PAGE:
FIG. 2 is a schematic illustration of an embodiment of the present invention in which portal antennas 10 are directly mounted or otherwise integrated, for example, adhesively, on a full size door frame 12, on door frame surfaces that face toward the open room. The RF cables 14 used to feed the portal antenna are attached to an RFID electronics module 16.

FIG. 3 is a schematic illustration of an embodiment of the present invention in which portal antennas 10 are directly mounted or otherwise integrated on a full size door frame 12, on the door frame surfaces that face the plane of the doorway. In this embodiment the portal antennas may form a complete circuit around the doorway opening, as may be desired to form an inductive coil that surrounds the doorway opening, for best advantage when inductively-coupled low frequency RFID tags are used. The RF cables 14 used to feed the portal antenna are attached to an RFID electronics module 16.

FIG. 4A is a schematic illustration that represents the contours of electromagnetic field strength F produced by the portal antennas 10 in one of the preferred embodiments, and with which the RFID tags interact as they are transported through the doorway 12.

FIG. 4B is a schematic illustration top view of the contours of electromagnetic field strength F produced by one of the preferred embodiments with UHF portal antennas 10 when mounted on a metal or otherwise conductive door frame 12.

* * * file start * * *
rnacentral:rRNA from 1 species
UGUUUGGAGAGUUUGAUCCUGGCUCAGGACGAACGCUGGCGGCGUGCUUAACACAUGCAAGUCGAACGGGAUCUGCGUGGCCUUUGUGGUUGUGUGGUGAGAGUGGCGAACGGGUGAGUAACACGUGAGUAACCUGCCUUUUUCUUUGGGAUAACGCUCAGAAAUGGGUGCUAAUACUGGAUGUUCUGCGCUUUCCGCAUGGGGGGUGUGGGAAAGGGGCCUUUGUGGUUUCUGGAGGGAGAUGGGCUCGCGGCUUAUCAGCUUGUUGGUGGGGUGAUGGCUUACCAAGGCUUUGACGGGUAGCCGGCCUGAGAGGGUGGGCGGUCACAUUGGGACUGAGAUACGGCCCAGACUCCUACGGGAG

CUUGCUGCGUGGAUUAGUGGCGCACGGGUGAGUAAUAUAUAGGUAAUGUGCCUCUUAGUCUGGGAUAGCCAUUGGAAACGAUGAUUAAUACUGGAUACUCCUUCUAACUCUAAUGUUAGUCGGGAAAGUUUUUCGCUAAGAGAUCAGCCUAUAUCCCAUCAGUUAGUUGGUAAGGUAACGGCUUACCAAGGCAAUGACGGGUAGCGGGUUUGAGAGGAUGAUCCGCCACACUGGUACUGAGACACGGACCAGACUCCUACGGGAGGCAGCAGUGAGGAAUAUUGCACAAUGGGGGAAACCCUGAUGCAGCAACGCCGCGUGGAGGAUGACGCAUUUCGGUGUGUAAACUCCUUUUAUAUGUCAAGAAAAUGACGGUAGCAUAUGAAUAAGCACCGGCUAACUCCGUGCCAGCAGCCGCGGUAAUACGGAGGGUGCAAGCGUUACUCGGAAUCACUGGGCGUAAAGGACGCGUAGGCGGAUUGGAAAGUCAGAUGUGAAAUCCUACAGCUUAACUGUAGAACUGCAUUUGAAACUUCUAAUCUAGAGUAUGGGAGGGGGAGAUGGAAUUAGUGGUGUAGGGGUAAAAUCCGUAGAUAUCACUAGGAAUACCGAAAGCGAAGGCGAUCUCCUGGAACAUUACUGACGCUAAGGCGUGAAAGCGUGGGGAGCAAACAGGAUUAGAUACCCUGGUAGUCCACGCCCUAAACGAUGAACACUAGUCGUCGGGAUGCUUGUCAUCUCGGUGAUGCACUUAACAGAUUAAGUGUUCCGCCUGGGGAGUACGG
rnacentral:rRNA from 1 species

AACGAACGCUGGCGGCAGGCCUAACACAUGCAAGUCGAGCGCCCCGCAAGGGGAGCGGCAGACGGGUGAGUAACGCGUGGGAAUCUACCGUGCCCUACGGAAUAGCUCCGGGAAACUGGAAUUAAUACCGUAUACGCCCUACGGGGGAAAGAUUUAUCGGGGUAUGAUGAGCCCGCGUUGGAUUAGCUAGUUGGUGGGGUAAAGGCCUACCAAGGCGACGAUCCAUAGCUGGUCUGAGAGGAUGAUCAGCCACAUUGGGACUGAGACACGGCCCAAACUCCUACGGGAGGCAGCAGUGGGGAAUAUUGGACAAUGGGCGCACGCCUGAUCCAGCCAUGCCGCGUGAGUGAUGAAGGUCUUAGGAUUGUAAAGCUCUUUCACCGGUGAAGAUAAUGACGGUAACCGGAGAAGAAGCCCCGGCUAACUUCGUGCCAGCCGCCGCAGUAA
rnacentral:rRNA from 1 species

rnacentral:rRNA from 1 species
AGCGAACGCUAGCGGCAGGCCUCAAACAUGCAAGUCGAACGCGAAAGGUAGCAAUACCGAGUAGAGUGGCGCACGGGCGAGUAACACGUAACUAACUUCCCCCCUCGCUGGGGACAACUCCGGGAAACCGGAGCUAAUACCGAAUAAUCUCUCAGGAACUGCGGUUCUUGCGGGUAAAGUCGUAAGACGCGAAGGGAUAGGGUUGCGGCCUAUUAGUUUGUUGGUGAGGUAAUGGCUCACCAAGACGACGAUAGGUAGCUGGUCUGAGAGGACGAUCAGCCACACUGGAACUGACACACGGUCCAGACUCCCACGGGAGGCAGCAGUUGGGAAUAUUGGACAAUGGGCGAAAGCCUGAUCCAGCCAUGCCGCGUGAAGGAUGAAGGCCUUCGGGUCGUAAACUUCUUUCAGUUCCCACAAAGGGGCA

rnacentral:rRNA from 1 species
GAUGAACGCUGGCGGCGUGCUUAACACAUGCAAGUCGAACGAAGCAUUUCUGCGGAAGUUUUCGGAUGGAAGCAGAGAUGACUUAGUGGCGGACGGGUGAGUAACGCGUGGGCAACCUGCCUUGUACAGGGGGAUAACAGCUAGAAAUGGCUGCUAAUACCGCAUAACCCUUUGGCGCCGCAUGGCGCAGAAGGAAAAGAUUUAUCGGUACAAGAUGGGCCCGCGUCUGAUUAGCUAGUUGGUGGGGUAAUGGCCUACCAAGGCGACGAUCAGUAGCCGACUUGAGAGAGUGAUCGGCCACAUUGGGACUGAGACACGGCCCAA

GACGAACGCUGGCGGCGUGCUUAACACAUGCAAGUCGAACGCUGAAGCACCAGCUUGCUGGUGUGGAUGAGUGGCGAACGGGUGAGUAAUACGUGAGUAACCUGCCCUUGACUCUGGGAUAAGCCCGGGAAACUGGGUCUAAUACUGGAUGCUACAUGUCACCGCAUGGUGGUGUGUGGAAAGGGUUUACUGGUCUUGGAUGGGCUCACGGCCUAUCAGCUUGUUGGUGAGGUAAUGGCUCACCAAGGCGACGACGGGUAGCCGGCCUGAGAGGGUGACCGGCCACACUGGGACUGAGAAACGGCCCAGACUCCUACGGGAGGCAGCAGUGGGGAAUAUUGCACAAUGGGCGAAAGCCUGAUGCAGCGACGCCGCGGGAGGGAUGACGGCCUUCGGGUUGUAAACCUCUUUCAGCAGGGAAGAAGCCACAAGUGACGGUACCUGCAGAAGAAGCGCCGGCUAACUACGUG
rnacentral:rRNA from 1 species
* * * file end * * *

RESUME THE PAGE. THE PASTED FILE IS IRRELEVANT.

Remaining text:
FIG. 5 is a schematic illustration of an embodiment of the present invention in which portal antennas 10 are mounted to the walls immediately adjacent to a portal opening 12 and counter top through which items 20 that have been RFID tagged with RF tag 30 are transported, such as might be found in a stockroom or a tool crib, and used to control inventory and to record the transfer of assets. The RF cables 14 used to feed the portal antenna are attached to an RFID electronics module 16.

FIG. 6 is a schematic illustration of an embodiment of the present invention in which portal antennas 10 are directly mounted or otherwise integrated on a refrigeration unit 40, on the structure immediately adjacent to the doors 50 that provide access to the interior of the refrigeration unit. This embodiment might be found in a retail restaurant or food processing facility, and permits the automatic recording of the time at which RFID tagged items are placed in or removed from cold storage.

FIG. 7 is a schematic illustration of an embodiment of the present invention in which portal antennas 10 are directly mounted or otherwise integrated on a delivery truck 83, on the structure immediately adjacent to the door that provides access to the interior of the vehicle 83. This embodiment might be employed in the transportation and logistics sector of the supply chain, and permits the automatic identification and recording of the time at which RFID tagged items are placed within or removed from vehicles used to transport inventory or other assets. In this embodiment the information that is read and/or written to RFID tags using the portal antenna is transmitted to and/or from the delivery truck 83 using a secondary wireless data link and its associated antenna 80, as shown in FIG. 7. The transmission may be to or from a local-area wireless data network or a wide area wireless data network. The networks may be based on IEEE 802.11 standard, IEEE 802.16 standard, on the. use of cellular data networks, may be other terrestrial wireless data networks, or may be satellite-based wireless data communication networks.